Adds Rich, “One of my first guitar heroes, when I was much younger, was Angus [Young]. And the funny thing is, like, listening to Shake Your Money Maker, there is a lot more AC/DC on there than I remember. A lot of the rhythmic parts were doubling each other instead of more [of the] guitar interplay that we got into on later records, like Southern Harmony and Amorica where Mark Ford and I would kind of break off and do these things.”

The Black Crowes

(Image credit: SUZANNE CORDEIRO/AFP via Getty Images)

The songs on Shake Your Money Maker are richly textured, thanks to the band’s use of several different types of guitars. Jealous Again features Rich’s Blonde Tele. Stare it Cold finds Rich playing in open-G tuning to achieve, as Chris puts it, “ringy strings.” He’d been playing open G for about six or eight months. For She Talks to Angels, Rich used the Martin D-28, which echoes his early folk days. But the Tele was the star. 

“It had that thing that only Teles can really do,” Rich says. “I use the Tele for mostly the open-tuning stuff, and I use my Goldtop for things like Hard to Handle and Could I’ve Been So Blind. For whatever reason, I guess the Tele held the tunings a little bit better, but ultimately, the sound of those two instruments couldn’t be further apart, but they work really well together. So, it was just kind of out of necessity. That’s what we brought, so that’s what we recorded the songs with – but they worked.”

Lasting Impact 

31 years later, Rich and his brother have come to realize how big an impact their work on Shake Your Money Maker has had on other musicians. 

“It catches me off guard in a good way, just to hear that the way I played or the way I wrote actually influenced someone,” Rich says. Chris is excited to see whenever “[our] music has retained any of that kind of shine that people can pick up on, and then make a little more shining thing. 

“I think ultimately that’s the tradition we work in,” he says. “Because we’re inspired, and we’re influenced by things we feel on an emotional level. And then, realistically that’s what we want to put out there. All the other stuff is just, like, the way of the world.”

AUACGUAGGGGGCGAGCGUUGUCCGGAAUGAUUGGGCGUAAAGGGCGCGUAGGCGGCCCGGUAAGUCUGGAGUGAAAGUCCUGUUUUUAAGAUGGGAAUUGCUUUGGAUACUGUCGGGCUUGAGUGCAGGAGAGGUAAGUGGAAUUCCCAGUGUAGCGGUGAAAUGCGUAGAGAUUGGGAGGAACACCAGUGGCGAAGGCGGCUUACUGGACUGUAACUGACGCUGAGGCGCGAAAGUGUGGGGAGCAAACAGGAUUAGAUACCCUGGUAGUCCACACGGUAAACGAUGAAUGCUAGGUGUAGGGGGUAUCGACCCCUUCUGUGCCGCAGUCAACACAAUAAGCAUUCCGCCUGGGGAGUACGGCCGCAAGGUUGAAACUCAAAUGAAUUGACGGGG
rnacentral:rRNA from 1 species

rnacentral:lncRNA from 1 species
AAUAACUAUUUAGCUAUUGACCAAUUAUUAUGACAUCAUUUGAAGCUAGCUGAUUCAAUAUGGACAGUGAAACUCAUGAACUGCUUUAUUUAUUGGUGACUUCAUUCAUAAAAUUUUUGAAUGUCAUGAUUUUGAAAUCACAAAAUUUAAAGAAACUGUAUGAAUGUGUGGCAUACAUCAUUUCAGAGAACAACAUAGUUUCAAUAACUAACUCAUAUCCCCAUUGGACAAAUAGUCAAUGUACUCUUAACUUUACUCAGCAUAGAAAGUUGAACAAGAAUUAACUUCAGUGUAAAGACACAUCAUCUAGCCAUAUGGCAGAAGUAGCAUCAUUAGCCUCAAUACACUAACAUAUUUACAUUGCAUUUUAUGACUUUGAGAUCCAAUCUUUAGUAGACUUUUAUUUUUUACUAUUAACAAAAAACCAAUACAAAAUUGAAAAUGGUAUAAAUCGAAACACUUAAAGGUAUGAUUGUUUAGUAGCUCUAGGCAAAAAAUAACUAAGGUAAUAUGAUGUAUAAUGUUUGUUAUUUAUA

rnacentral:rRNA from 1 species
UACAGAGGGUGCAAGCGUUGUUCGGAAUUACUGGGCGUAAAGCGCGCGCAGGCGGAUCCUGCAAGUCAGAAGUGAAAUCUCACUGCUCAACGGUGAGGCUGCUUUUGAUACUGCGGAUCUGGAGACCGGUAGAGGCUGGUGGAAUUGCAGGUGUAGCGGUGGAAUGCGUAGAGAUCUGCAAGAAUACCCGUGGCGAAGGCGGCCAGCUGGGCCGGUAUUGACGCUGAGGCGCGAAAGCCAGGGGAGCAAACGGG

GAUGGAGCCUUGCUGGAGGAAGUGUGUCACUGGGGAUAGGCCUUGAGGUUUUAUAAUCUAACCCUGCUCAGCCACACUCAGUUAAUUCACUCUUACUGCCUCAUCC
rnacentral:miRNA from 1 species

“We’ve taken 30 years to realize it, but Rich is like me. We both like to make stuff and songs are like making something,” Chris says. “People like to go fuck around with their engine in the garage, or build a deck on their house or whatever. We like to work and write songs. And there’s great craft in that. I think we have an understanding of what kind of time and commitment that craft takes.” 

One of their favorite moments is when Prince came to the Fox Theatre in Atlanta in the early '90s and performed Jealous Again. “To have him play one of our songs was far out,” Rich says. “Those things are amazing – to hear people that we loved and appreciated. Before George Harrison passed away [in 2001], he had said some complimentary things about us, which was incredibly humbling and flattering. So yeah, those things are always amazing.”

People like to go fuck around with their engine in the garage, or build a deck on their house or whatever. We like to work and write songs

Chris Robinson

While the band’s main focus is to get back on the road (and they are indeed booked through mid-November as of this writing), Chris and Rich have begun to work on sketches that have the potential to become new Black Crowes songs.  

“Rich and I started working on new music, and George [Drakoulias] has been working with us. It’s been amazing to have George, to have his ear, to have his knowledge and depth about the songs,” Chris says. “We’re not in a hurry. We have no plans to record anything. We’re just writing and writing. It’s really come full circle in terms of that as well.”

Joshua M. Miller

Josh is a freelance journalist who has spent the past dozen or so years interviewing musicians for a variety of publications, including Guitar World, GRAMMY.com, SPIN, Chicago Sun-Times, MTV News, Rolling Stone and American Songwriter. He credits his father for getting him into music. He's been interested in discovering new bands ever since his father gave him a list of artists to look into. A favorite story his father told him is when he skipped a high school track meet to see Jimi Hendrix in concert. For his part, seeing one of his favorite guitarists – Mike Campbell – feet away from him during a Tom Petty and the Heartbreakers concert is a special moment he’ll always cherish.